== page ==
I wrote the story on Indonesia’s attempts at natural disaster warning and prevention for Earth magazine last April, based on reporting I did in Indonesia in late December.
Now with the Sulawesi quake and tsunami disaster, I print it below. The sheer unpredictability of quakes and tsunamis in a nation of 6000 inhabited islands spread 3000 miles apart has made the task of disaster preparedness nearly impossible — especially with parts of the warning system no longer working and no government or international funds to repair the German and Indonesian tidal buoys originally designed to
measure tsunami wave displacements before they hit shore. Indonesia needs help.
Hazards in paradise: Indonesia prepares for natural disasters (Earth Magazine, July 2018)
by Arielle Emmett
With a little imagination, it’s not hard to see a natural hazard map of Indonesia as a dartboard with many bull’s-eyes. Throw a dart anywhere in the vicinity of the 18,000 islands that make up the Indonesian Archipelago, and it will almost certainly land close to more than one active volcano, and near areas severely impacted by past earthquakes and tsunamis, as well as dozens of fires, floods, tornadoes and landslides, which all routinely disrupt this country’s lush beauty.
Indonesia sits atop a tectonically complex region along the Pacific Ring of Fire — the volatile region of earthquake and volcanic activity that encircles the Pacific Ocean. And, by virtue of the archipelago’s equatorial location and its array of physiographically diverse islands, different parts of the country are subjected to a wide variety of weather, from drenching monsoon rains to prolonged dry spells.
But how effective are these technologies in helping safeguard the country’s populace? Indonesia is a country with 55,000 kilometers of coastline and more than 266 million inhabitants living on 6,000 islands, many of which are among the most remote in the world, where cellphone and internet coverage is rare. I wanted to understand whether the government’s efforts to communicate about hazards were reaching its far-flung residents, and if disaster preparedness based on folklore and “local wisdom” might be equally important — or more so — than monitoring and warning technologies.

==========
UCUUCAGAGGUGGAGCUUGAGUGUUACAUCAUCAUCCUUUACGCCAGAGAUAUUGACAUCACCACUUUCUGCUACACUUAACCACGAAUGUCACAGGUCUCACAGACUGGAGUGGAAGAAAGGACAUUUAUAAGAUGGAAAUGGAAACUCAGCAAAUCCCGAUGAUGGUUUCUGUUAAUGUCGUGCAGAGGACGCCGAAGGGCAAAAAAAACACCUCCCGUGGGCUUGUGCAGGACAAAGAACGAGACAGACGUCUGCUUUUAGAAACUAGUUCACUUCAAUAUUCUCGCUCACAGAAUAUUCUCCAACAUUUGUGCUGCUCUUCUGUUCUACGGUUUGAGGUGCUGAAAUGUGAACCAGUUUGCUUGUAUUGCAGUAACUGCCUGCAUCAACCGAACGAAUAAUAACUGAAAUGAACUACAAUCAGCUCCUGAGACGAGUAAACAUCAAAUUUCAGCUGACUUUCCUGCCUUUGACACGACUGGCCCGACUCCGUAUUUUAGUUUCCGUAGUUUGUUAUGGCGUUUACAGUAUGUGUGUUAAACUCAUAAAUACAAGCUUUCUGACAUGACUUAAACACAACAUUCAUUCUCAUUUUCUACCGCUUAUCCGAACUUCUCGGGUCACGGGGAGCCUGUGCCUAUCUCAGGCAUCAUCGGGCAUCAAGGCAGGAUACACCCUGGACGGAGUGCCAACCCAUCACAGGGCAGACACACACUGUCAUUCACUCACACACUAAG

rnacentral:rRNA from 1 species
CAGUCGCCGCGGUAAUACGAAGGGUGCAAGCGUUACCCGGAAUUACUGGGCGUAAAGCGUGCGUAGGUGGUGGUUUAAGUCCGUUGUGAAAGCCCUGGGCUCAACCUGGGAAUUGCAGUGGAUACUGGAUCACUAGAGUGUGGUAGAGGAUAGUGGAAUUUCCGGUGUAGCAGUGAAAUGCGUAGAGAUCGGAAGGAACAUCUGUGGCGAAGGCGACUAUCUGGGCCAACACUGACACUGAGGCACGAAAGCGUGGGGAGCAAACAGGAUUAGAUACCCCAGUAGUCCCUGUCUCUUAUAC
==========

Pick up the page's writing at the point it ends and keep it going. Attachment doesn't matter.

Weather and Geology Hazards
Few people outside the region understand just how regularly natural disasters occur throughout Indonesia’s 5,000-kilometer-wide archipelago. More than 2,000 serious disasters are reported each year, 90 percent of which are weather-related — mostly the result of flooding rains, tornadoes, fires and mudslides. In 2017, Indonesians reported 787 floods, 716 tornadoes, 614 landslides, and 96 forest and ground fires (burning peat lands and rainforests to make room for large palm oil plantations and smaller farms is a popular practice, especially in Sumatra). Indonesians also reported 19 regional droughts, two volcanic eruptions — at Mount Sinabung on Sumatra and Mount Agung on Bali — and 11 tsunamis. Overall, 3.4 million people were displaced that year by these natural disasters.
Indonesia experiences roughly 4,000 earthquakes a year, 70 to 100 of which are magnitude 5.5 or higher, along with one or two highly destructive quakes, some reaching or exceeding magnitude 8. Hazard maps created by the Indonesian Agency for Meteorology, Climatology and Geophysics, known as BMKG (Badan Meteorologi, Klimatologi, dan Geofisika), show that earthquakes and tsunamis are particularly frequent on those islands directly adjacent to the boundaries of the tectonic plates that meet in Indonesia’s midst — specifically the Indo-Australian, Pacific, Philippine Sea and Sunda plates — which are continuously moving and straining against one another.
Read complete article in Earth magazine at https://www.earthmagazine.org/article/hazards-paradise-indonesia-prepares-natural-disasters